• My Lady Jane

    Edward (long live the king) is the King of England. He's also dying, which is inconvenient, as he's only sixteen and he'd much rather be planning for his first kiss than considering who will inherit his crown… Jane (reads too many books) is Edward's cousin, and far more interested in books than romance. Unfortunately for Jane, Edward has arranged to marry her off to secure the line of succession. And there's something a little odd about her intended… Gifford (call him G) is a horse. That is, he's an Eðian (eth-y-un, for the uninitiated). Every day at dawn he becomes a noble chestnut steed—but then he wakes at dusk with a mouthful of hay. It's all very undignified. The plot thickens as Edward, Jane, and G are drawn into a dangerous conspiracy. With the fate of the kingdom at stake, our heroes will have to engage in some conspiring of their own. But can they pull off their plan before it's off with their heads?
  • Outrun the Moon

    San Francisco, 1906: Fifteen-year-old Mercy Wong is determined to break from the poverty in Chinatown, and an education at St. Clare's School for Girls is her best hope. Although St. Clare's is off-limits to all but the wealthiest white girls, Mercy gains admittance through a mix of cunning and a little bribery, only to discover that getting in was the easiest part. Not to be undone by a bunch of spoiled heiresses, Mercy stands strong—until disaster strikes. On April 18, a historic earthquake rocks San Francisco, destroying Mercy's home and school. With martial law in effect, she is forced to wait with her classmates for their families in a temporary park encampment. Though fires might rage, and the city may be in shambles, Mercy can't sit by while they wait for the army to bring help—she still has the “bossy” cheeks that mark her as someone who gets things done. But what can one teenage girl do to heal so many suffering in her broken city?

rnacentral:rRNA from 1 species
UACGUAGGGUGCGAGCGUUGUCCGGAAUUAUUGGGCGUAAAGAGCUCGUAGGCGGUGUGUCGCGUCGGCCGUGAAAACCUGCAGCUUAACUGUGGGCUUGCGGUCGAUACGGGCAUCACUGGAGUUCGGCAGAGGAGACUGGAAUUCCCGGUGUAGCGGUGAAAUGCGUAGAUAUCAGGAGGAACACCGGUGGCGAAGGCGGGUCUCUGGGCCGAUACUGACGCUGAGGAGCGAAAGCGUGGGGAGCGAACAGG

• Salt to the Sea

    It's near the end of WWII and four refugees travel on foot during January to board the Wilhelm Gustloff, a ship bound for safety. This is the story of the lesser known tragedy of the doomed ship.
  • The Smell of Other People's Houses

    Life in 1970s Alaska proves difficult for teens, native and non-native alike. In four distinct voices, Ruth, Alyce, Dora, and Hank express the heartbreak and tragedy altering their lives forever—poverty, unwanted pregnancy, death, and abuse. However, when
  • Sorcerer to the Crown

    At his wit's end, Zacharias Wythe, freed slave, eminently proficient magician, and Sorcerer Royal of the Unnatural Philosophers—one of the most respected organizations throughout all of Britain—ventures to the border of Fairyland to discover why England's magical stocks are drying up. But when his adventure brings him in contact with a most unusual comrade, a woman with immense power and an unfathomable gift, he sets on a path which will alter the nature of sorcery in all of Britain—and the world at large…
  • Spontaneous

    Members of the senior class at Covington High School suddenly begin to spontaneously explode. Who will be next? Why is it happening? And can the bloody mayhem be stopped? Mara and her friends think they're onto an answer.
  • The Steep and Thorny Way

    Urged on by her father's ghost, Hanalee and Joe search to find the truth about his murder in 1920s Oregon..
  • Under the Udala Trees

    Ijeoma comes of age as her nation does; born before independence, she is eleven when civil war breaks out in the young republic of Nigeria. Sent away to safety, she meets another displaced child and they, star-crossed, fall in love. They are from different ethnic communities. They are also both girls. When their love is discovered, Ijeoma learns that she will have to hide this part of herself. But there is a cost to living inside a lie. As Edwidge Danticat has made personal the legacy of Haiti's political coming of age, Okparanta's Under the Udala Trees uses one woman's lifetime to examine the ways in which Nigerians continue to struggle toward selfhood. Even as their nation contends with and recovers from the effects of war and division, Nigerian lives are also wrecked and lost from taboo and prejudice. This story offers a glimmer of hope — a future where a woman might just be able to shape her life around truth and love.